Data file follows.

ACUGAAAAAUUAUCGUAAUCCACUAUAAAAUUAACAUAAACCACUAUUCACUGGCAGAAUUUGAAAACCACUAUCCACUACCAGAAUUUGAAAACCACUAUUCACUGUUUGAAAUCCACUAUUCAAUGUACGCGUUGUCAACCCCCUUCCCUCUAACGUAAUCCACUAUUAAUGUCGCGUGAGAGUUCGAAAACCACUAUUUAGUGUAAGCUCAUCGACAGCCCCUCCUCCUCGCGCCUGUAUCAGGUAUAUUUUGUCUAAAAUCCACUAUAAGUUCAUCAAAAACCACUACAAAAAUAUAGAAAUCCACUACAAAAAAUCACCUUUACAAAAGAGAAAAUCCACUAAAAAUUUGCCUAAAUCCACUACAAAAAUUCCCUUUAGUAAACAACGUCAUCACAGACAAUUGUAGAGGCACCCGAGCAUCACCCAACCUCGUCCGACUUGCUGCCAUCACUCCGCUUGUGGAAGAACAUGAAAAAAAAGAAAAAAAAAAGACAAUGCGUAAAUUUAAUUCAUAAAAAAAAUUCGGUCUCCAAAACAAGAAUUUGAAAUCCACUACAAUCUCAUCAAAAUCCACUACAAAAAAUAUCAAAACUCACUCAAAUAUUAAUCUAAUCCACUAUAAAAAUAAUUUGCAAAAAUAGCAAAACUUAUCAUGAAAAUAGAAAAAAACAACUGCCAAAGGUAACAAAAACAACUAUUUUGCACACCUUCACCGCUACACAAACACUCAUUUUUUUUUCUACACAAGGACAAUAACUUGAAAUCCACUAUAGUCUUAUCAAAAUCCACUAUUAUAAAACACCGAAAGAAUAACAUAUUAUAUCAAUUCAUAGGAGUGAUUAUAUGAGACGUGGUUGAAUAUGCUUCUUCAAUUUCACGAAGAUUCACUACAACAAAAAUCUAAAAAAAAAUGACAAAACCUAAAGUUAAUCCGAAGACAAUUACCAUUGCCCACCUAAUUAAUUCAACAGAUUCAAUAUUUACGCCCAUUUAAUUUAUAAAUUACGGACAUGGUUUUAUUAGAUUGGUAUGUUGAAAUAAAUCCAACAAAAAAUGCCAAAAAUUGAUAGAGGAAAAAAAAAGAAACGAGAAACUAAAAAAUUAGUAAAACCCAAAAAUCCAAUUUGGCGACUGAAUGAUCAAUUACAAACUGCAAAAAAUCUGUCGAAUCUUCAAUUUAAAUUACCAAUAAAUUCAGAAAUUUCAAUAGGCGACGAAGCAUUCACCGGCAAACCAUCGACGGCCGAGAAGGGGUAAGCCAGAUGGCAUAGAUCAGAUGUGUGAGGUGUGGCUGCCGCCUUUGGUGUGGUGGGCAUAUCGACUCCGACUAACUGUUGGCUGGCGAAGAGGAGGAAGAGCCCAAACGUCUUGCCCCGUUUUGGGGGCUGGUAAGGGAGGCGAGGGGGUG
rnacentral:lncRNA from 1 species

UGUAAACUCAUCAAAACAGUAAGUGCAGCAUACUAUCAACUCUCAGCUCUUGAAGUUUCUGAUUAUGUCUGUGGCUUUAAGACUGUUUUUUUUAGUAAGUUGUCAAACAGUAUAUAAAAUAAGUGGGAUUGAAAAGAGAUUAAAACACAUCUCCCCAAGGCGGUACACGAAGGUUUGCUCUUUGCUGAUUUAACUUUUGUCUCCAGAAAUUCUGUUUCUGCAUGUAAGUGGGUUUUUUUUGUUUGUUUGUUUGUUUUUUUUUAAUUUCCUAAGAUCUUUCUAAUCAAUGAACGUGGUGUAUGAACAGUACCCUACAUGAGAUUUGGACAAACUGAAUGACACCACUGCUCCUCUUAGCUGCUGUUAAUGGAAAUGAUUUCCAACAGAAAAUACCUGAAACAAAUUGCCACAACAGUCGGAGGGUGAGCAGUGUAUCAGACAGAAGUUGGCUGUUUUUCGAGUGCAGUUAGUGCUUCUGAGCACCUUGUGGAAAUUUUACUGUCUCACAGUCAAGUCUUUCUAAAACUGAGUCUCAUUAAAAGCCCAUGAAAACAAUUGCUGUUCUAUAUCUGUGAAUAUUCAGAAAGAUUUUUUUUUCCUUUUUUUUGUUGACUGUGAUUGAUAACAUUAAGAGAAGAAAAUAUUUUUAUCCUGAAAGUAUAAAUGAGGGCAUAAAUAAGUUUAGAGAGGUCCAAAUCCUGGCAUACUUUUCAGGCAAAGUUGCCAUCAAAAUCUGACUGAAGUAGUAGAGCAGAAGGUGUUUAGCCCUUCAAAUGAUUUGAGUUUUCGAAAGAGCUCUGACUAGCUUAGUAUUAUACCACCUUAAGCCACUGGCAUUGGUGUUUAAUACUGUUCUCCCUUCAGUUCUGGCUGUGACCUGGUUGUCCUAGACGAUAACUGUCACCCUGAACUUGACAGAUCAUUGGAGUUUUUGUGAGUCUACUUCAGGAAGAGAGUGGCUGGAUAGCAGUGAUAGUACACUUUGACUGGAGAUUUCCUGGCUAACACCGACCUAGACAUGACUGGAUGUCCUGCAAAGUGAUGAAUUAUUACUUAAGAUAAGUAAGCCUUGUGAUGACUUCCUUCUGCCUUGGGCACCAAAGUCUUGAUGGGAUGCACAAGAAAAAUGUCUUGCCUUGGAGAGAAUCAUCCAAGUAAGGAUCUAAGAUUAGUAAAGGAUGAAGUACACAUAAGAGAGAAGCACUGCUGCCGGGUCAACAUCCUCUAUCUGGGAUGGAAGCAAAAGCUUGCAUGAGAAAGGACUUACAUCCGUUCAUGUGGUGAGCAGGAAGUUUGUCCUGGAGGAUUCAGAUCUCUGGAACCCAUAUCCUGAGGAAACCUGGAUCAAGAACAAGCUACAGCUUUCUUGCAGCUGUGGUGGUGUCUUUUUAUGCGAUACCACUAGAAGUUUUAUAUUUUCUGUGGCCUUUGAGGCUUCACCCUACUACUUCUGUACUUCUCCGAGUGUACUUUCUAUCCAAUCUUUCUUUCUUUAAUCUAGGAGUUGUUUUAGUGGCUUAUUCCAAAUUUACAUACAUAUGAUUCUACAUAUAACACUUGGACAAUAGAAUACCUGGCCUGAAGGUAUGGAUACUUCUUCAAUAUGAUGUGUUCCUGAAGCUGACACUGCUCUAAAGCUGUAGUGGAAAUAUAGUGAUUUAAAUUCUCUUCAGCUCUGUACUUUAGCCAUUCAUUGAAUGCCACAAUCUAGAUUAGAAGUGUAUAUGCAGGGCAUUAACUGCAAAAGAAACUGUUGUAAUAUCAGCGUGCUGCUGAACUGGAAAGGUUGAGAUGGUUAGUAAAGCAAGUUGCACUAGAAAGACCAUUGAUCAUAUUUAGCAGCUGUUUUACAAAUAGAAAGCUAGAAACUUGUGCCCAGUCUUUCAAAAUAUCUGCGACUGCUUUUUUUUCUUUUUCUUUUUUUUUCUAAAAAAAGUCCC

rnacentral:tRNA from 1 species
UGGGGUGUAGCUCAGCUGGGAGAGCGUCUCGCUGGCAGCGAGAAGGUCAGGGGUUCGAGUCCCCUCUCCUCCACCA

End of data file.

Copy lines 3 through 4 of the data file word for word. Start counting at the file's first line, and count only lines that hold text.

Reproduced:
UGUAAACUCAUCAAAACAGUAAGUGCAGCAUACUAUCAACUCUCAGCUCUUGAAGUUUCUGAUUAUGUCUGUGGCUUUAAGACUGUUUUUUUUAGUAAGUUGUCAAACAGUAUAUAAAAUAAGUGGGAUUGAAAAGAGAUUAAAACACAUCUCCCCAAGGCGGUACACGAAGGUUUGCUCUUUGCUGAUUUAACUUUUGUCUCCAGAAAUUCUGUUUCUGCAUGUAAGUGGGUUUUUUUUGUUUGUUUGUUUGUUUUUUUUUAAUUUCCUAAGAUCUUUCUAAUCAAUGAACGUGGUGUAUGAACAGUACCCUACAUGAGAUUUGGACAAACUGAAUGACACCACUGCUCCUCUUAGCUGCUGUUAAUGGAAAUGAUUUCCAACAGAAAAUACCUGAAACAAAUUGCCACAACAGUCGGAGGGUGAGCAGUGUAUCAGACAGAAGUUGGCUGUUUUUCGAGUGCAGUUAGUGCUUCUGAGCACCUUGUGGAAAUUUUACUGUCUCACAGUCAAGUCUUUCUAAAACUGAGUCUCAUUAAAAGCCCAUGAAAACAAUUGCUGUUCUAUAUCUGUGAAUAUUCAGAAAGAUUUUUUUUUCCUUUUUUUUGUUGACUGUGAUUGAUAACAUUAAGAGAAGAAAAUAUUUUUAUCCUGAAAGUAUAAAUGAGGGCAUAAAUAAGUUUAGAGAGGUCCAAAUCCUGGCAUACUUUUCAGGCAAAGUUGCCAUCAAAAUCUGACUGAAGUAGUAGAGCAGAAGGUGUUUAGCCCUUCAAAUGAUUUGAGUUUUCGAAAGAGCUCUGACUAGCUUAGUAUUAUACCACCUUAAGCCACUGGCAUUGGUGUUUAAUACUGUUCUCCCUUCAGUUCUGGCUGUGACCUGGUUGUCCUAGACGAUAACUGUCACCCUGAACUUGACAGAUCAUUGGAGUUUUUGUGAGUCUACUUCAGGAAGAGAGUGGCUGGAUAGCAGUGAUAGUACACUUUGACUGGAGAUUUCCUGGCUAACACCGACCUAGACAUGACUGGAUGUCCUGCAAAGUGAUGAAUUAUUACUUAAGAUAAGUAAGCCUUGUGAUGACUUCCUUCUGCCUUGGGCACCAAAGUCUUGAUGGGAUGCACAAGAAAAAUGUCUUGCCUUGGAGAGAAUCAUCCAAGUAAGGAUCUAAGAUUAGUAAAGGAUGAAGUACACAUAAGAGAGAAGCACUGCUGCCGGGUCAACAUCCUCUAUCUGGGAUGGAAGCAAAAGCUUGCAUGAGAAAGGACUUACAUCCGUUCAUGUGGUGAGCAGGAAGUUUGUCCUGGAGGAUUCAGAUCUCUGGAACCCAUAUCCUGAGGAAACCUGGAUCAAGAACAAGCUACAGCUUUCUUGCAGCUGUGGUGGUGUCUUUUUAUGCGAUACCACUAGAAGUUUUAUAUUUUCUGUGGCCUUUGAGGCUUCACCCUACUACUUCUGUACUUCUCCGAGUGUACUUUCUAUCCAAUCUUUCUUUCUUUAAUCUAGGAGUUGUUUUAGUGGCUUAUUCCAAAUUUACAUACAUAUGAUUCUACAUAUAACACUUGGACAAUAGAAUACCUGGCCUGAAGGUAUGGAUACUUCUUCAAUAUGAUGUGUUCCUGAAGCUGACACUGCUCUAAAGCUGUAGUGGAAAUAUAGUGAUUUAAAUUCUCUUCAGCUCUGUACUUUAGCCAUUCAUUGAAUGCCACAAUCUAGAUUAGAAGUGUAUAUGCAGGGCAUUAACUGCAAAAGAAACUGUUGUAAUAUCAGCGUGCUGCUGAACUGGAAAGGUUGAGAUGGUUAGUAAAGCAAGUUGCACUAGAAAGACCAUUGAUCAUAUUUAGCAGCUGUUUUACAAAUAGAAAGCUAGAAACUUGUGCCCAGUCUUUCAAAAUAUCUGCGACUGCUUUUUUUUCUUUUUCUUUUUUUUUCUAAAAAAAGUCCC

rnacentral:tRNA from 1 species